FDA clears Aprea Therapeutic’s Investigational New Drug (IND) application (IND 169359) for oral WEE1 Inhibitor, APR-1051
Aprea to initiate the Phase 1 ACESOT-1051 trial. Learn more

Aprea’s DDR-Targeted Therapeutics: Different by Design

What is the DNA Damage Response (DDR) Pathway?

The DDR Pathway helps to control cell health. The DDR pathway is critical in repairing DNA damage in healthy cells that would otherwise cause mutations or cell death. When the DDR pathway is altered or unable to repair this damage, mutated cells can lose important instructions that normally prevent them from growing out of control. Cells with unresolved DDR defects can become cancerous. Cancerous cells with DDR defects may be more resistant to standard chemotherapies and radiation.

Aprea Therapeutics Target DDR-Related Genes to Provoke Cancer Cell Death

When a gene in the DDR pathway is damaged or fails, related genes compensate for its loss of function. Aprea’s approach is to inhibit compensatory genes, thereby specifically killing cancer cells with mutations in the DDR pathway. This approach is called synthetic lethality. Using synthetic lethality, Aprea’s drugs selectively kill cancer cells while minimizing the effect on normal, unmutated cells, decreasing the toxicity normally associated with cancer treatment.

Aprea Therapeutic’s molecules selectively target cancer cells in much the same way that commercially successful poly-ADP ribose polymerase (PARP) inhibitors target cancer cells with mutations in the BRCA genes. The difference is that our small molecule therapeutics selectively target cancer cells with faulty DDR pathways and compensatory gene functionality to potentially eliminate their growth.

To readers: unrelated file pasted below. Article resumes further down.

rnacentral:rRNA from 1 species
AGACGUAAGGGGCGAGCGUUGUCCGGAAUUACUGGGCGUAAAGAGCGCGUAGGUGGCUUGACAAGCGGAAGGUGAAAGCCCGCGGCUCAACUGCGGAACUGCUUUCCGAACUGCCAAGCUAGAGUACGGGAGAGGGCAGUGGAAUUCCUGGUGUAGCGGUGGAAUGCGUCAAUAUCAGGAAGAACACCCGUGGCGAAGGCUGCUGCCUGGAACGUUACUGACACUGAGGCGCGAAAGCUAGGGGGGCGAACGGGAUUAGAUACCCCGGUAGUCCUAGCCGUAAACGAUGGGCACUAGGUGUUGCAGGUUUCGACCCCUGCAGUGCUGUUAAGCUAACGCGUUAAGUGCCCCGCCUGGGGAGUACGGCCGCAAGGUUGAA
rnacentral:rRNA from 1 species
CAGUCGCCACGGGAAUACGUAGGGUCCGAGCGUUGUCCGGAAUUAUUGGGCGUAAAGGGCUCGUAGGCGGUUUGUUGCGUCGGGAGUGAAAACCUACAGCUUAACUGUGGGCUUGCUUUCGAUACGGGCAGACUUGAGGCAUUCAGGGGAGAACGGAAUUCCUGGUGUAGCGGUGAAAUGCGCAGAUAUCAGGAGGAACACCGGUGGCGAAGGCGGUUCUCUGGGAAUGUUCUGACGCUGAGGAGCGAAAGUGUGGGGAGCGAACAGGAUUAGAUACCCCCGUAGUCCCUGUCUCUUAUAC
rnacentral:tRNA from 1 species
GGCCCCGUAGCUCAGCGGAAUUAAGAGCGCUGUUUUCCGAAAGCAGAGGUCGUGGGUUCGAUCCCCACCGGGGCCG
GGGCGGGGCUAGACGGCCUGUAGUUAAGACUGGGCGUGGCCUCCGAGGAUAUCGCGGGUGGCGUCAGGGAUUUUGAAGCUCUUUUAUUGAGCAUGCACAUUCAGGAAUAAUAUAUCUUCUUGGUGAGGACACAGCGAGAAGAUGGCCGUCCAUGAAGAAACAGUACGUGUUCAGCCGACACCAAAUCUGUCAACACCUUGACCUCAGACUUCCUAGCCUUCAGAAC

Why Selectivity Matters?

Over a decade ago, our team was the first to recognize and report the DDR-related highly selective compounds can result in a high therapeutic index, which may lead to potentially fewer side effects for cancer patients. For over a decade, our team has applied its collective expertise to identify cancer-specific vulnerabilities that can be targeted by a synthetic lethality-based approach. Our small molecule inhibitors selectively bind to ATR and WEE1 genes–master regulators of the DNA-damage response– producing a potential preferred therapeutic index of increased efficacy and reduced toxicity for cancer patients with unmet medical needs.